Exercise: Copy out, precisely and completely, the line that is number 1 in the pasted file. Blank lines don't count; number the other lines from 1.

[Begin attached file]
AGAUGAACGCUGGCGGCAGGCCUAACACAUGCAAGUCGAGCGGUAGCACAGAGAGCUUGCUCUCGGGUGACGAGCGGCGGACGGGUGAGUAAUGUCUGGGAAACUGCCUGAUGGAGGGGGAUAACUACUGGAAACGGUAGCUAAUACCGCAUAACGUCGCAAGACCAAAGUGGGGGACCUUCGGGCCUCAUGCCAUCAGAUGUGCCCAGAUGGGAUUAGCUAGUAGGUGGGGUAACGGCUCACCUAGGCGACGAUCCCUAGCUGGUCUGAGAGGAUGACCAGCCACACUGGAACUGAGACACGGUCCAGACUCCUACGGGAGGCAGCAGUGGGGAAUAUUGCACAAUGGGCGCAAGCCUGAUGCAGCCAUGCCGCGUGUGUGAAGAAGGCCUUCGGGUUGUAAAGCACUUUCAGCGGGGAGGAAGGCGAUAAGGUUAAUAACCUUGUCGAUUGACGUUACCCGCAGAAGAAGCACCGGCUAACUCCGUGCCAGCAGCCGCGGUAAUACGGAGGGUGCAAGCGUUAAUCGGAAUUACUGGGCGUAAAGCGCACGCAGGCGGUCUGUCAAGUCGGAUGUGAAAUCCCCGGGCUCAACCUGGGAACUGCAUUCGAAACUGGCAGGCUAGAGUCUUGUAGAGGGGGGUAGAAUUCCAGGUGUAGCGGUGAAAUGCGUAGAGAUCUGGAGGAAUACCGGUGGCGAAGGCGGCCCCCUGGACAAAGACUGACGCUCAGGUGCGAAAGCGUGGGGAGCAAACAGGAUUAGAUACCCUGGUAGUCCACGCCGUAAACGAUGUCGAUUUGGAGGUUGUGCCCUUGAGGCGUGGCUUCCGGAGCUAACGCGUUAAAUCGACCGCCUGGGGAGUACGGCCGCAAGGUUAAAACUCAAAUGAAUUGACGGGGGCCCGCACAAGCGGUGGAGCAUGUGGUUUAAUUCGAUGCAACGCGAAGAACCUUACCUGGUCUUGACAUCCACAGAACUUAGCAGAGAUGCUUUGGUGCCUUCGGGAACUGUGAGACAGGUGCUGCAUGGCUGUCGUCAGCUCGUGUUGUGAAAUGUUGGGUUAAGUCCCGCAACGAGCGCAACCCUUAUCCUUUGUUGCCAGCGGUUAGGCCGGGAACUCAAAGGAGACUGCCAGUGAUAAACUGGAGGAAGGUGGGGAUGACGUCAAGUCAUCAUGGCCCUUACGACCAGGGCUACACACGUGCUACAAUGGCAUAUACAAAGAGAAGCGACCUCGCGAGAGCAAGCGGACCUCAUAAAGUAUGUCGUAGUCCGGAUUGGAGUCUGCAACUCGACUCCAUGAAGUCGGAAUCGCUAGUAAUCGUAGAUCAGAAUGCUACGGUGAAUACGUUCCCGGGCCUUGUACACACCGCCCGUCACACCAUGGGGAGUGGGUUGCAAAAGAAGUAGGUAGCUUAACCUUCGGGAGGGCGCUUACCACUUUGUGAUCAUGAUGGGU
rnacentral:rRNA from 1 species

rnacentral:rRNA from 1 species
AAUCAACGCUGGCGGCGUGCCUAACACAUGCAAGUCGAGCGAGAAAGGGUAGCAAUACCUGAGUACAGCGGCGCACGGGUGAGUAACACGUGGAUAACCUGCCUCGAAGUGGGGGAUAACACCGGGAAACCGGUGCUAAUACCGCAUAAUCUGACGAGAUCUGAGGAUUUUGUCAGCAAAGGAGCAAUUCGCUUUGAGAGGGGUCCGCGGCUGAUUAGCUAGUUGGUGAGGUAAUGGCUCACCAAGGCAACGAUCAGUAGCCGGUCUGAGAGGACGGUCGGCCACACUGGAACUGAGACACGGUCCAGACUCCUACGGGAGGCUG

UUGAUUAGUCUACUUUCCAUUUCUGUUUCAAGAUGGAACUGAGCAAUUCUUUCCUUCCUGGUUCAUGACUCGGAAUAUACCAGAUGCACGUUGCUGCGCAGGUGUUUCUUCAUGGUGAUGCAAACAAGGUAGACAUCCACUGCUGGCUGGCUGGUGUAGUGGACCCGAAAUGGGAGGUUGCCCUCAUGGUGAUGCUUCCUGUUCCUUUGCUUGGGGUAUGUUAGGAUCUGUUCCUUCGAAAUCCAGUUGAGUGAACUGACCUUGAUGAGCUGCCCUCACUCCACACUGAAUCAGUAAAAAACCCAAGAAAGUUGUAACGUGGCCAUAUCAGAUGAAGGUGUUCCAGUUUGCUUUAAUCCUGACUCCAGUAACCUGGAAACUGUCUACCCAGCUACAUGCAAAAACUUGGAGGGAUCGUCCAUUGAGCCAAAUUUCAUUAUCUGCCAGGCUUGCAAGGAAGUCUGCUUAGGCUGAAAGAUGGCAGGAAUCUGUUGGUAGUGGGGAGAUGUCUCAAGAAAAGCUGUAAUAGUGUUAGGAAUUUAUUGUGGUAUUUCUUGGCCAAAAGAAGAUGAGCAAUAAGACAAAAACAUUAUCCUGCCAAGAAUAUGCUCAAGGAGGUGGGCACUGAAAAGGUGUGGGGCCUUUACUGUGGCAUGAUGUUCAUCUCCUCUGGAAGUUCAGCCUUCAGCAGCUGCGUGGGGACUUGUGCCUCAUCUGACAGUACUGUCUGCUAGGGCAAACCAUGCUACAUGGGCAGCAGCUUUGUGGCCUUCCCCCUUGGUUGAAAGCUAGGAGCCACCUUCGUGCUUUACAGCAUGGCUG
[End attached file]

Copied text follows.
AGAUGAACGCUGGCGGCAGGCCUAACACAUGCAAGUCGAGCGGUAGCACAGAGAGCUUGCUCUCGGGUGACGAGCGGCGGACGGGUGAGUAAUGUCUGGGAAACUGCCUGAUGGAGGGGGAUAACUACUGGAAACGGUAGCUAAUACCGCAUAACGUCGCAAGACCAAAGUGGGGGACCUUCGGGCCUCAUGCCAUCAGAUGUGCCCAGAUGGGAUUAGCUAGUAGGUGGGGUAACGGCUCACCUAGGCGACGAUCCCUAGCUGGUCUGAGAGGAUGACCAGCCACACUGGAACUGAGACACGGUCCAGACUCCUACGGGAGGCAGCAGUGGGGAAUAUUGCACAAUGGGCGCAAGCCUGAUGCAGCCAUGCCGCGUGUGUGAAGAAGGCCUUCGGGUUGUAAAGCACUUUCAGCGGGGAGGAAGGCGAUAAGGUUAAUAACCUUGUCGAUUGACGUUACCCGCAGAAGAAGCACCGGCUAACUCCGUGCCAGCAGCCGCGGUAAUACGGAGGGUGCAAGCGUUAAUCGGAAUUACUGGGCGUAAAGCGCACGCAGGCGGUCUGUCAAGUCGGAUGUGAAAUCCCCGGGCUCAACCUGGGAACUGCAUUCGAAACUGGCAGGCUAGAGUCUUGUAGAGGGGGGUAGAAUUCCAGGUGUAGCGGUGAAAUGCGUAGAGAUCUGGAGGAAUACCGGUGGCGAAGGCGGCCCCCUGGACAAAGACUGACGCUCAGGUGCGAAAGCGUGGGGAGCAAACAGGAUUAGAUACCCUGGUAGUCCACGCCGUAAACGAUGUCGAUUUGGAGGUUGUGCCCUUGAGGCGUGGCUUCCGGAGCUAACGCGUUAAAUCGACCGCCUGGGGAGUACGGCCGCAAGGUUAAAACUCAAAUGAAUUGACGGGGGCCCGCACAAGCGGUGGAGCAUGUGGUUUAAUUCGAUGCAACGCGAAGAACCUUACCUGGUCUUGACAUCCACAGAACUUAGCAGAGAUGCUUUGGUGCCUUCGGGAACUGUGAGACAGGUGCUGCAUGGCUGUCGUCAGCUCGUGUUGUGAAAUGUUGGGUUAAGUCCCGCAACGAGCGCAACCCUUAUCCUUUGUUGCCAGCGGUUAGGCCGGGAACUCAAAGGAGACUGCCAGUGAUAAACUGGAGGAAGGUGGGGAUGACGUCAAGUCAUCAUGGCCCUUACGACCAGGGCUACACACGUGCUACAAUGGCAUAUACAAAGAGAAGCGACCUCGCGAGAGCAAGCGGACCUCAUAAAGUAUGUCGUAGUCCGGAUUGGAGUCUGCAACUCGACUCCAUGAAGUCGGAAUCGCUAGUAAUCGUAGAUCAGAAUGCUACGGUGAAUACGUUCCCGGGCCUUGUACACACCGCCCGUCACACCAUGGGGAGUGGGUUGCAAAAGAAGUAGGUAGCUUAACCUUCGGGAGGGCGCUUACCACUUUGUGAUCAUGAUGGGU